The result is that street photography took quite a dive after that, and even news photographers are careful not to show too many faces unless the situation is clearly newsworthy.

Gilbert's point of view can be seen in his documentary:
https://gilbert-duclos.squarespace.com/la-rue-02

Most of the available documentation on the subject is in French, but it had international echoes because this placed Québec in a unique situation.

I didn't shoot back in Diana days,and started shooting street more or less seriously in 2002. I can tell you that there were a few officious security-types in '02 and for a year or two who would tell me I couldn't shoot a public building area. But as far as people go, there was no difference in how I was perceived, or hassled (not very much at all) until the last few years, once cell phones became ubiquitous. Then, I started getting more and more "did you take a picture of me?" questions backed by a little aggression. By the time Covid arrived, public paranoia was the highest I'd seen it in my 20 years of doing this. Of course Covid put the end to traditional street photography...


Some ethnic groups are much more likely to get aggressive than others.

Interesting to see how fellow photographers have been affected, and how they interpret responsibility. It was particularly interesting to hear how social media was so frequently called out, since I've never participated. It seems more a conglomeration of all the above rather than any one, specific cause that has led to the increased hostility towards photographers- including when leaders actively call out for their followers to "punch out" those they don't agree with, not to mention the numerous conspiracy theories that have even led people to shoot up pizza parlors in the belief that they are saving innocent children. It all adds up to a toxic brew that manifests in increased fear, decreased tolerance and far reaching acts of irrationality in unexpected situations.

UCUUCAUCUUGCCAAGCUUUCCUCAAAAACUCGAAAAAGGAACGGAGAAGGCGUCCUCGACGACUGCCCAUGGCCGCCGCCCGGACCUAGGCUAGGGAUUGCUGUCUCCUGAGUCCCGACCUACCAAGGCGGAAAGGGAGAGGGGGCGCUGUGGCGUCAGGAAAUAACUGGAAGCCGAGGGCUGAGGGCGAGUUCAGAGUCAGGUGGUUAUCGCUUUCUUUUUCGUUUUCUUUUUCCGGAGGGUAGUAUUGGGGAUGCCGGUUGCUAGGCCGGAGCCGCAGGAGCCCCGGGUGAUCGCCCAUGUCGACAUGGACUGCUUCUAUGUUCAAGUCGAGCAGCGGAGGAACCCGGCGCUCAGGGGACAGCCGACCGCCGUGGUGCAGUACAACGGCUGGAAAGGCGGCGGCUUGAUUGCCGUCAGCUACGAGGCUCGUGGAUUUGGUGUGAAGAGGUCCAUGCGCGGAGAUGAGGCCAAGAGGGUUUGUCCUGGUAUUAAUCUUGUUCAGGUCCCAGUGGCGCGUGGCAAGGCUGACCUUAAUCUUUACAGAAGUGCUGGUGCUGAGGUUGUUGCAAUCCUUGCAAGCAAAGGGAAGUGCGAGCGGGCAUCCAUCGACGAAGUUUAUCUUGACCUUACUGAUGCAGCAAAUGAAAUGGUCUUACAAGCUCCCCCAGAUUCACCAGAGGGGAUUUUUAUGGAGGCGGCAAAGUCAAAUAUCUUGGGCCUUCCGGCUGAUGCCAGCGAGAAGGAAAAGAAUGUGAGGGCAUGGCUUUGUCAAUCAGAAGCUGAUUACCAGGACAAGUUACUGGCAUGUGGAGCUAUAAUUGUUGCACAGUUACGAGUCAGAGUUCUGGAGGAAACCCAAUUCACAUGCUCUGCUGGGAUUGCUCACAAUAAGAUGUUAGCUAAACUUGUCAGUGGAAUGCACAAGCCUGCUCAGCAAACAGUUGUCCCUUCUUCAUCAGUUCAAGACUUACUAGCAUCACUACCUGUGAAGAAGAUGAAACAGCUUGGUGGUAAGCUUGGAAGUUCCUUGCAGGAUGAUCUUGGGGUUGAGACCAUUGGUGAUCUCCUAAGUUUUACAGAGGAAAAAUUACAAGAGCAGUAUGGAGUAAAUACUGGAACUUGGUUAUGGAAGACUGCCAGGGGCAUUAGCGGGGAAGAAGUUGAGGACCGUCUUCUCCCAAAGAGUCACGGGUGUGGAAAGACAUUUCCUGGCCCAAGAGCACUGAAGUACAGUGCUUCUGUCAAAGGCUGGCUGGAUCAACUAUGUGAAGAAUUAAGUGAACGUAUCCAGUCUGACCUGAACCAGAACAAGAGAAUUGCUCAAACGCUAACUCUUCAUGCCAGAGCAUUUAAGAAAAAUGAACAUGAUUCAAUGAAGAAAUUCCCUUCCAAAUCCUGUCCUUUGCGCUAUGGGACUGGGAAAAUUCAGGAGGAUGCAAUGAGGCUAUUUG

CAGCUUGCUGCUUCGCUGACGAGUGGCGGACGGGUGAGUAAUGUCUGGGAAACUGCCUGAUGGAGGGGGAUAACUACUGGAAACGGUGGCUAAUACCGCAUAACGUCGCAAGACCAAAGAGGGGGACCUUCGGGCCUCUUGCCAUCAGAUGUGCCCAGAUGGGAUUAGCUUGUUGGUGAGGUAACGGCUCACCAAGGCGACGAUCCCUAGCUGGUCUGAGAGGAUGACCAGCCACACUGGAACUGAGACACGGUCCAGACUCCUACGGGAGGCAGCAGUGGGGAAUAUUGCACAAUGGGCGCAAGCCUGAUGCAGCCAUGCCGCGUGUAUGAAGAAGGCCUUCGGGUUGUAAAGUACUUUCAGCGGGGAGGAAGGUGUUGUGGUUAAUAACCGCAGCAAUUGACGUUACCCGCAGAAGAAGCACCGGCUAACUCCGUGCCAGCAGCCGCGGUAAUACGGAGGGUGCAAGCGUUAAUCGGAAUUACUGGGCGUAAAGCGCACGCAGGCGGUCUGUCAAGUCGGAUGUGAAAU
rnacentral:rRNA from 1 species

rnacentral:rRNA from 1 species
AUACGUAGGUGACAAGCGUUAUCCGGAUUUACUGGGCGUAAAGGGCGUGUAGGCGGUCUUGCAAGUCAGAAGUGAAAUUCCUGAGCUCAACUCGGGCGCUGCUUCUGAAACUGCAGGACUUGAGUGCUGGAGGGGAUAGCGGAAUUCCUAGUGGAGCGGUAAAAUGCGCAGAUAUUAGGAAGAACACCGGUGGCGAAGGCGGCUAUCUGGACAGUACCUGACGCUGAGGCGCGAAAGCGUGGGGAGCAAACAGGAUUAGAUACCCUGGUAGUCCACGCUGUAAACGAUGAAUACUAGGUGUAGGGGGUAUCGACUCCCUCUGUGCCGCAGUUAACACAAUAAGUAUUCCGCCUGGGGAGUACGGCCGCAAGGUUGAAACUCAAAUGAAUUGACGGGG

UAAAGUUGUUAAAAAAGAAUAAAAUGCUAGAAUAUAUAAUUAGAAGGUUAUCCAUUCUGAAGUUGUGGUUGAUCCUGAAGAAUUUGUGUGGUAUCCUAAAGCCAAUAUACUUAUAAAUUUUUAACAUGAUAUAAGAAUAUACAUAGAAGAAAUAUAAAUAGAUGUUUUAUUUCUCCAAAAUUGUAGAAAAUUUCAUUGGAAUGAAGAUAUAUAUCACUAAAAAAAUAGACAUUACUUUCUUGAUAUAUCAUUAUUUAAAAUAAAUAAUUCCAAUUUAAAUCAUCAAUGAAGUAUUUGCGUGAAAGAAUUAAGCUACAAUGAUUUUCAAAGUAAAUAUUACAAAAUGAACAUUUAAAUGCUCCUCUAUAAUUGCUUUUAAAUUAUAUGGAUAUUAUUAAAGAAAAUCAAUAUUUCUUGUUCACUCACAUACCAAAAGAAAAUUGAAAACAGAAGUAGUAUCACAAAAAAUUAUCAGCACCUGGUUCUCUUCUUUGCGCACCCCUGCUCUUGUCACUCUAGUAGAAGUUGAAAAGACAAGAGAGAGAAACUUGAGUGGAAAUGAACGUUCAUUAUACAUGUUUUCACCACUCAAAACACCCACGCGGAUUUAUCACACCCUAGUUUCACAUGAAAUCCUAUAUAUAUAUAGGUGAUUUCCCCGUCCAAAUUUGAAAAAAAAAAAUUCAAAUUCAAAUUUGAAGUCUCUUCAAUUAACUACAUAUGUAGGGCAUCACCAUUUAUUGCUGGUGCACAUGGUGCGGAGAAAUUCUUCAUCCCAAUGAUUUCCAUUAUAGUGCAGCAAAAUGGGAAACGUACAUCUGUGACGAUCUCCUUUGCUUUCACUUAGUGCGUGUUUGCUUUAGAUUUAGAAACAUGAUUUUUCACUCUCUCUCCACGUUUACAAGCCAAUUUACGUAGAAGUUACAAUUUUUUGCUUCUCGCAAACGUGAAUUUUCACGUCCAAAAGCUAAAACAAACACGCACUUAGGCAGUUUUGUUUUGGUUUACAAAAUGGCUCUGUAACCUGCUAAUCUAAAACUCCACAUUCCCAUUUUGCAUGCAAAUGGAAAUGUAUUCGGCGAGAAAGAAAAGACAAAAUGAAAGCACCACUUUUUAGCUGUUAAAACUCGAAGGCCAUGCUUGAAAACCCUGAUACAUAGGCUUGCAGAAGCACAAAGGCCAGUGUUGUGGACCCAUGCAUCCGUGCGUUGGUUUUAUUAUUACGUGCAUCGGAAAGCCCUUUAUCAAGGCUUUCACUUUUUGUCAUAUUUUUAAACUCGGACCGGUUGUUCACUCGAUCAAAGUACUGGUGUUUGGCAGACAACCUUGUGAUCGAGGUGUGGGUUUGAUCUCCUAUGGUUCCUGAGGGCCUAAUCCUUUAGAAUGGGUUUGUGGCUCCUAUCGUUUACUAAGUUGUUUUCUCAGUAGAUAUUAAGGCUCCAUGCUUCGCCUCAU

I have been hassled for photographing urban and suburban street and alley scenes since I transitioned from landscape photography beginning in 2002-3.

The hassling increased when I began photographing late at night in 2008 and has increased further over the past two years due to the now ubiquitous presence of doorbell cameras.

Before doorbell cameras became widespread, I was only hassled whenever people actually saw me. Now, however, they're alerted to my presence whenever their doorbell camera is triggered and sends them a text message, something that usually occurs when they're sleeping, hence their foul moods when they confront me.

This became such a problem that I actually gave up photography for a couple of months because I really don't enjoy being hassled by irate homeowners, contrary to what many people believe!

Fortunately, the situation has improved noticeably of late, thanks to (I assume) homeowners likewise growing tired of an excessive number of false alarms and refining the area their camera covers to minimize them.